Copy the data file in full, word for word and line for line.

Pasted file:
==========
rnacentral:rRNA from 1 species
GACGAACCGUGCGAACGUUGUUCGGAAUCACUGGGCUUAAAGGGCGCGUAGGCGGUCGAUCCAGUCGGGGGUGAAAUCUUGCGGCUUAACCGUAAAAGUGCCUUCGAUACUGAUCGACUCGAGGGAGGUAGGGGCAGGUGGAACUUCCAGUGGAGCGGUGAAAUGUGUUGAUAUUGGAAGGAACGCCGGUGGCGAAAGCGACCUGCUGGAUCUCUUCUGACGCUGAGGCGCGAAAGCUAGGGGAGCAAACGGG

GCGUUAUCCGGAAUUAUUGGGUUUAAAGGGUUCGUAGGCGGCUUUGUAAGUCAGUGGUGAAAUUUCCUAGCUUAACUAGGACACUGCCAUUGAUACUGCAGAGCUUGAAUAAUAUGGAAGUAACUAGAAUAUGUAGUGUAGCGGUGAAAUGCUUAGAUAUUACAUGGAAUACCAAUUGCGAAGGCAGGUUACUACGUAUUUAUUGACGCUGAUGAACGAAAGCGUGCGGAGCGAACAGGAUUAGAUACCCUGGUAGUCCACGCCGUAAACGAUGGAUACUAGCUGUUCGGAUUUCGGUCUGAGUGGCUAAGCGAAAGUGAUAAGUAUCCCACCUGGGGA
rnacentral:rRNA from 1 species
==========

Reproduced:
rnacentral:rRNA from 1 species
GACGAACCGUGCGAACGUUGUUCGGAAUCACUGGGCUUAAAGGGCGCGUAGGCGGUCGAUCCAGUCGGGGGUGAAAUCUUGCGGCUUAACCGUAAAAGUGCCUUCGAUACUGAUCGACUCGAGGGAGGUAGGGGCAGGUGGAACUUCCAGUGGAGCGGUGAAAUGUGUUGAUAUUGGAAGGAACGCCGGUGGCGAAAGCGACCUGCUGGAUCUCUUCUGACGCUGAGGCGCGAAAGCUAGGGGAGCAAACGGG

GCGUUAUCCGGAAUUAUUGGGUUUAAAGGGUUCGUAGGCGGCUUUGUAAGUCAGUGGUGAAAUUUCCUAGCUUAACUAGGACACUGCCAUUGAUACUGCAGAGCUUGAAUAAUAUGGAAGUAACUAGAAUAUGUAGUGUAGCGGUGAAAUGCUUAGAUAUUACAUGGAAUACCAAUUGCGAAGGCAGGUUACUACGUAUUUAUUGACGCUGAUGAACGAAAGCGUGCGGAGCGAACAGGAUUAGAUACCCUGGUAGUCCACGCCGUAAACGAUGGAUACUAGCUGUUCGGAUUUCGGUCUGAGUGGCUAAGCGAAAGUGAUAAGUAUCCCACCUGGGGA
rnacentral:rRNA from 1 species